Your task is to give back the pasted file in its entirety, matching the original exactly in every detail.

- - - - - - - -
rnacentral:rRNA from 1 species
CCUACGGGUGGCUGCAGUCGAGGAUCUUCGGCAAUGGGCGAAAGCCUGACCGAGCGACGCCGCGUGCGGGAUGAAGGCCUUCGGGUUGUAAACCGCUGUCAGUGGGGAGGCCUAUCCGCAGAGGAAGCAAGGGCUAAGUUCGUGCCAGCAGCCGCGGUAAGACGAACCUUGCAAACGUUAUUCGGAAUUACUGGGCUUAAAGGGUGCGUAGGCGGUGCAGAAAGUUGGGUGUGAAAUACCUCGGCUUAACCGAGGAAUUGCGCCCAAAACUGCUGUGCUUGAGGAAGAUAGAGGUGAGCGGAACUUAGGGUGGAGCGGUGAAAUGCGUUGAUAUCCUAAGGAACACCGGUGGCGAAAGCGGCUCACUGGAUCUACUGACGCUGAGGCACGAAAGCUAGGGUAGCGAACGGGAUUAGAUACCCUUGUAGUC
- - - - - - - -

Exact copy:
rnacentral:rRNA from 1 species
CCUACGGGUGGCUGCAGUCGAGGAUCUUCGGCAAUGGGCGAAAGCCUGACCGAGCGACGCCGCGUGCGGGAUGAAGGCCUUCGGGUUGUAAACCGCUGUCAGUGGGGAGGCCUAUCCGCAGAGGAAGCAAGGGCUAAGUUCGUGCCAGCAGCCGCGGUAAGACGAACCUUGCAAACGUUAUUCGGAAUUACUGGGCUUAAAGGGUGCGUAGGCGGUGCAGAAAGUUGGGUGUGAAAUACCUCGGCUUAACCGAGGAAUUGCGCCCAAAACUGCUGUGCUUGAGGAAGAUAGAGGUGAGCGGAACUUAGGGUGGAGCGGUGAAAUGCGUUGAUAUCCUAAGGAACACCGGUGGCGAAAGCGGCUCACUGGAUCUACUGACGCUGAGGCACGAAAGCUAGGGUAGCGAACGGGAUUAGAUACCCUUGUAGUC